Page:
New research from UCL has shed light on the biology behind a rare genetic mutation that results in the carrier living a nearly pain-free life, healing at a quicker pace, and experiencing less anxiety and fear.
This study, which has been published in Brain, is a follow-up to the team’s 2019 discovery of the FAAH-OUT gene and the uncommon mutations that allow Jo Cameron to live without feeling pain, anxiety, or fear. The research reveals how the mutation in FAAH-OUT dials down FAAH gene expression, and the downstream effects this has on other molecular pathways tied to wound healing and mood. These findings could potentially lead to new drug targets and spark further research in these fields.
Jo, who resides in Scotland, was initially referred to pain geneticists at UCL in 2013. This happened after her doctor realised she didn’t feel any pain following major surgeries on her hip and hand. After six years of investigation, they pinpointed a new gene they dubbed FAAH-OUT, which held a rare genetic mutation. Paired with another, more common mutation in FAAH, this was identified as the cause of Jo’s unique characteristics.
Previously, the genome area that houses FAAH-OUT was thought to be ‘junk’ DNA 1, essentially serving no function. However, it was discovered to mediate the expression of FAAH, a gene that is part of the endocannabinoid system and is well-known for its role in pain, mood, and memory.
In this particular study, the UCL team set out to understand how FAAH-OUT operates at a molecular level. This is the first step towards utilising this unique biology for applications like drug discovery.
The team utilised a variety of methods, such as CRISPR-Cas9 experiments on cell lines to simulate the effect of the mutation on other genes. They also analysed the expression of genes to see which were active in molecular pathways tied to pain, mood, and healing.
They found that FAAH-OUT regulates the expression of FAAH. When the mutation that Jo Cameron carries significantly dials down FAAH-OUT, FAAH enzyme activity levels also decrease substantially.
Dr Andrei Okorokov (UCL Medicine), a senior author of the study, said, “The FAAH-OUT gene is just one small corner of a vast continent, which this study has begun to map. As well as the molecular basis for painlessness, these explorations have identified molecular pathways affecting wound healing and mood, all influenced by the FAAH-OUT mutation. As scientists it is our duty to explore and I think these findings will have important implications for areas of research such as wound healing, depression and more.”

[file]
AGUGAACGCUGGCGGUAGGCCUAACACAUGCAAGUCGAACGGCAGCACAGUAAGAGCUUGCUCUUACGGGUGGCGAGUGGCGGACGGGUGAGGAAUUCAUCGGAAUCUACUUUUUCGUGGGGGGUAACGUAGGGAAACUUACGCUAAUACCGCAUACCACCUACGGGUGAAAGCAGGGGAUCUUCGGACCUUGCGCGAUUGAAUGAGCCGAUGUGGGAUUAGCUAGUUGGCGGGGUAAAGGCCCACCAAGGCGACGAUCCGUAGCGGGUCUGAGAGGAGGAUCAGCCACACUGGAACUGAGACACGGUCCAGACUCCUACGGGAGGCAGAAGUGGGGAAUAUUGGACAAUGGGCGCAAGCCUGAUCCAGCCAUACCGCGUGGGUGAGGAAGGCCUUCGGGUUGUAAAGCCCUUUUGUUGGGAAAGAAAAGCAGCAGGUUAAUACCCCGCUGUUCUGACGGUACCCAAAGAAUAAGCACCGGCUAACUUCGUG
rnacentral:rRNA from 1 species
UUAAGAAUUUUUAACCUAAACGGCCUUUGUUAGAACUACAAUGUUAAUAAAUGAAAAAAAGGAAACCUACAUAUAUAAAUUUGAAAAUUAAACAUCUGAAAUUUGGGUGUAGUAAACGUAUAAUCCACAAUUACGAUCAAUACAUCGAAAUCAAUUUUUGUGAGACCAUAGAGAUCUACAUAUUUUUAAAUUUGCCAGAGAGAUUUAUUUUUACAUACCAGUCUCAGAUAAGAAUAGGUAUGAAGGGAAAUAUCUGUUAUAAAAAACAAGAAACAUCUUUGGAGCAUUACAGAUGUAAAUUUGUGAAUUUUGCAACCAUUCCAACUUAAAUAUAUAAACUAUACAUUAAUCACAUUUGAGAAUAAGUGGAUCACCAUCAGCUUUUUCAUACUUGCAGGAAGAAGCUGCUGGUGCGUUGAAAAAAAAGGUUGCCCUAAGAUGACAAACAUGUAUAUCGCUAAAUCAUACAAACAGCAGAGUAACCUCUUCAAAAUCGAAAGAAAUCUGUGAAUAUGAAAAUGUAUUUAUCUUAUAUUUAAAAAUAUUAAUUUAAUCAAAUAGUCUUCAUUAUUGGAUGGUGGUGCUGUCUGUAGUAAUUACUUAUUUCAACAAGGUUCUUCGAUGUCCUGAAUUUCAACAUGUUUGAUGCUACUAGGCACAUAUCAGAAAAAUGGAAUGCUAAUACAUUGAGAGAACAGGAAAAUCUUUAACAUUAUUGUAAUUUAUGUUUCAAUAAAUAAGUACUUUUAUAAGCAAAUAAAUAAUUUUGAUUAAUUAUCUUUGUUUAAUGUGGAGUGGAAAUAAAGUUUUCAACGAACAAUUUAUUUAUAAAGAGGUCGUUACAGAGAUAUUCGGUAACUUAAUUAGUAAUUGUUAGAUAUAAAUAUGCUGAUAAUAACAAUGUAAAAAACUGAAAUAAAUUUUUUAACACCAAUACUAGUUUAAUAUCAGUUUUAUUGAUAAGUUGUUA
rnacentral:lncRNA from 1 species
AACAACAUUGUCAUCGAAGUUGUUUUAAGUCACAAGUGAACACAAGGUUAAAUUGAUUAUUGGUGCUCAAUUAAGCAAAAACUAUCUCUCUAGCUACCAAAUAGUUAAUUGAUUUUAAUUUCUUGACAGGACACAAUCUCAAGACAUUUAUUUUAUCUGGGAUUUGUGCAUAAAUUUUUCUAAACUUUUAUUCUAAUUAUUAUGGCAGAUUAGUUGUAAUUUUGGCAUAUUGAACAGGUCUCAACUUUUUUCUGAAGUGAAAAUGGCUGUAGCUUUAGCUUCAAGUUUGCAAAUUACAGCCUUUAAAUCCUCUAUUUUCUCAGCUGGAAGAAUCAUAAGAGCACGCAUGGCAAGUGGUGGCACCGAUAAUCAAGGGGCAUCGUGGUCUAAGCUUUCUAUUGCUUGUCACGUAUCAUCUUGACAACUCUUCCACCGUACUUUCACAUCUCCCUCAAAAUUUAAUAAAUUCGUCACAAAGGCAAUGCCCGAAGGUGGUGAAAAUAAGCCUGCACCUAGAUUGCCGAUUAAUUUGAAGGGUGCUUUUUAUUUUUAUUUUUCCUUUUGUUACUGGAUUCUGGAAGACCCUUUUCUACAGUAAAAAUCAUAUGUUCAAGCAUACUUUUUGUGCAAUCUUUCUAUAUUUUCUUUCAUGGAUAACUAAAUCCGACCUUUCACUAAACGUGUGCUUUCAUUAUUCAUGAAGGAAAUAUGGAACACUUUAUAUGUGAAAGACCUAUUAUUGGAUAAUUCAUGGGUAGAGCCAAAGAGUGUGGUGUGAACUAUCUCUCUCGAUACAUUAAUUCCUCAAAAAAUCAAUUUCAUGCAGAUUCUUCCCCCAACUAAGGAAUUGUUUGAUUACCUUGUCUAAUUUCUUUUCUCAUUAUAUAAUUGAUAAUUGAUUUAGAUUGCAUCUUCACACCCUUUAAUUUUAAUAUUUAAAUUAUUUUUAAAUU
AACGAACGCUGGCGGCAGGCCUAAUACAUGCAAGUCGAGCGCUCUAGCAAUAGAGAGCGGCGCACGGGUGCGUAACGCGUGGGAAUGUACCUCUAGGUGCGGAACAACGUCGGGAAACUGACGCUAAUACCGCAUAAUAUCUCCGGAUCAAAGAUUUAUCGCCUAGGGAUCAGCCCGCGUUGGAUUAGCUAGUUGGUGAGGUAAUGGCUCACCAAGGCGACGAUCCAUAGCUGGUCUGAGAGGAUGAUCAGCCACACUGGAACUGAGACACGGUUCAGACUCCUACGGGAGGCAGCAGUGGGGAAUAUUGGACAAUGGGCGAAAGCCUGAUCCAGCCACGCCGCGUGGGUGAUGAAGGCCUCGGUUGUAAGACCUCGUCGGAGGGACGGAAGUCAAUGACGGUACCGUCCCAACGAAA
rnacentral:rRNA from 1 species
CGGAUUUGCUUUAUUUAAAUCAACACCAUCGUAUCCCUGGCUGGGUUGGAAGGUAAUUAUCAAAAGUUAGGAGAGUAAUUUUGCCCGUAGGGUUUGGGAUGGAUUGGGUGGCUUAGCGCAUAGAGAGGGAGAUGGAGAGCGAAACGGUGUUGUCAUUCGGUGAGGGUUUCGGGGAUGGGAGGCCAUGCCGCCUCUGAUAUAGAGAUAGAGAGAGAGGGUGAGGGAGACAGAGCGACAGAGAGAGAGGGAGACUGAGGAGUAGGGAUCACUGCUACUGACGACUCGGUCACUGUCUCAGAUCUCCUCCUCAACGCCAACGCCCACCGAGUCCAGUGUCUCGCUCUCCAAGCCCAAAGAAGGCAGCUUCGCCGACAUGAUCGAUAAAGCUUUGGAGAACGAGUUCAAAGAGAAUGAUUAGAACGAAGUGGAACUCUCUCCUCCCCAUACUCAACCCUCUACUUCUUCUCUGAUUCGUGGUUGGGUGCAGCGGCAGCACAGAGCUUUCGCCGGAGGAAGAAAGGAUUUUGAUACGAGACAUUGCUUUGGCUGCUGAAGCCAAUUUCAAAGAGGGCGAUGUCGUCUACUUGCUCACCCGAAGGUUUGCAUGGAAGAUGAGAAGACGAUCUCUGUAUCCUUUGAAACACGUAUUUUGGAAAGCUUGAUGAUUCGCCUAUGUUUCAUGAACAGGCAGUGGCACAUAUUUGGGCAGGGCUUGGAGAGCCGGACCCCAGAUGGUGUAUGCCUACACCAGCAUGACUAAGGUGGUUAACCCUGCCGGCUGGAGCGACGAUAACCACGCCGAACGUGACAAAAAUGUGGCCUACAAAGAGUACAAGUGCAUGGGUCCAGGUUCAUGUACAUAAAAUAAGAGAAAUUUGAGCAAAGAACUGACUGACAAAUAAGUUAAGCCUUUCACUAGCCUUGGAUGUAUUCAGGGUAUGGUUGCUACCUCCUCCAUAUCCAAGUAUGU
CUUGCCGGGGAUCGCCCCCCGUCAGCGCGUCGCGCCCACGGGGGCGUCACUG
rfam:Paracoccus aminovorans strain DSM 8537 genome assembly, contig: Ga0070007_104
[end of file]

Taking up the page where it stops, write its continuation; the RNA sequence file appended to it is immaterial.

The authors examined fibroblasts taken from patients to study the effects of the FAAH-OUT-FAAH axis on other molecular pathways. While the mutations that Jo Cameron carries turn down FAAH, they also found a further 797 genes that were turned up and 348 that were turned down. This included changes to the WNT pathway associated with wound healing, with increased activity in the WNT16 gene previously linked to bone regeneration.
Two other key genes that were altered were BDNF, previously linked to mood regulation, and ACKR3, which helps regulate opioid levels. These gene changes could potentially contribute to Jo Cameron’s low levels of anxiety, fear, and pain.
Professor James Cox (UCL Medicine), a senior author of the study, said: “The initial discovery of the genetic root of Jo Cameron’s unique phenotype was a eureka moment and hugely exciting, but these current findings are where things really start to get interesting. By understanding precisely what is happening at a molecular level, we can start to understand the biology involved and that opens up possibilities for drug discovery
Professor James Cox (UCL Medicine), a senior author of the study, said: “The initial discovery of the genetic root of Jo Cameron’s unique phenotype was a eureka moment and hugely exciting, but these current findings are where things really start to get interesting. By understanding precisely what is happening at a molecular level, we can start to understand the biology involved and that opens up possibilities for drug discovery that could one day have far-reaching positive impacts for patients.”
This research was supported by the Medical Research Council (MRC) and Wellcome.
1 So called ‘junk’ DNA describes regions of the genome or non-coding genes that don’t create proteins. They were once thought redundant, but in recent years researchers have begun to discover the role of ‘dark’ regions of the genome in regulating coding genes.